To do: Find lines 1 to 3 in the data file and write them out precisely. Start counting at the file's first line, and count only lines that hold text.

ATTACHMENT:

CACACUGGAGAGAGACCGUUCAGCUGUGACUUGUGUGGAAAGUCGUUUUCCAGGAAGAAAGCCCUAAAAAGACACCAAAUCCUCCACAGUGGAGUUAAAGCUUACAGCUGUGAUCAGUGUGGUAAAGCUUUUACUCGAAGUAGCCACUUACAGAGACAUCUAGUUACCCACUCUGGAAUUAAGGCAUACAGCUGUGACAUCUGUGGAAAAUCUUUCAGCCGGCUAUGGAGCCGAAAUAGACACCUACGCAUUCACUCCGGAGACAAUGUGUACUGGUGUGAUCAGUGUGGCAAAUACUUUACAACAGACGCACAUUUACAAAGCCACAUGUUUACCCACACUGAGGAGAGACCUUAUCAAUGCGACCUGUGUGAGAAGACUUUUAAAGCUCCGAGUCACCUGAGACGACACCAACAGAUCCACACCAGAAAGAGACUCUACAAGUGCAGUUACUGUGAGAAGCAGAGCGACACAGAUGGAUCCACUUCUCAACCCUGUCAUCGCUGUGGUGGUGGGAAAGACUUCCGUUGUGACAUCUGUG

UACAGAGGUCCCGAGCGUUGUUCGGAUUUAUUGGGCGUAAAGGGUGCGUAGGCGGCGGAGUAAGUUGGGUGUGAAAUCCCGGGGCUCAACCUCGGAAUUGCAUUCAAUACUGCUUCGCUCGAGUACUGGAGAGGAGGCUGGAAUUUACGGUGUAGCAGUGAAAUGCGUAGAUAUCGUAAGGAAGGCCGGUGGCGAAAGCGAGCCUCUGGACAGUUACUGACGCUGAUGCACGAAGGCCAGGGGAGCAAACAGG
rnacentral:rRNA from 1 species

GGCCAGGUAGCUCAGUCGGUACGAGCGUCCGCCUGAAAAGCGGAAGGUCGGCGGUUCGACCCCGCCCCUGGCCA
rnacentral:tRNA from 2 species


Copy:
CACACUGGAGAGAGACCGUUCAGCUGUGACUUGUGUGGAAAGUCGUUUUCCAGGAAGAAAGCCCUAAAAAGACACCAAAUCCUCCACAGUGGAGUUAAAGCUUACAGCUGUGAUCAGUGUGGUAAAGCUUUUACUCGAAGUAGCCACUUACAGAGACAUCUAGUUACCCACUCUGGAAUUAAGGCAUACAGCUGUGACAUCUGUGGAAAAUCUUUCAGCCGGCUAUGGAGCCGAAAUAGACACCUACGCAUUCACUCCGGAGACAAUGUGUACUGGUGUGAUCAGUGUGGCAAAUACUUUACAACAGACGCACAUUUACAAAGCCACAUGUUUACCCACACUGAGGAGAGACCUUAUCAAUGCGACCUGUGUGAGAAGACUUUUAAAGCUCCGAGUCACCUGAGACGACACCAACAGAUCCACACCAGAAAGAGACUCUACAAGUGCAGUUACUGUGAGAAGCAGAGCGACACAGAUGGAUCCACUUCUCAACCCUGUCAUCGCUGUGGUGGUGGGAAAGACUUCCGUUGUGACAUCUGUG

UACAGAGGUCCCGAGCGUUGUUCGGAUUUAUUGGGCGUAAAGGGUGCGUAGGCGGCGGAGUAAGUUGGGUGUGAAAUCCCGGGGCUCAACCUCGGAAUUGCAUUCAAUACUGCUUCGCUCGAGUACUGGAGAGGAGGCUGGAAUUUACGGUGUAGCAGUGAAAUGCGUAGAUAUCGUAAGGAAGGCCGGUGGCGAAAGCGAGCCUCUGGACAGUUACUGACGCUGAUGCACGAAGGCCAGGGGAGCAAACAGG
rnacentral:rRNA from 1 species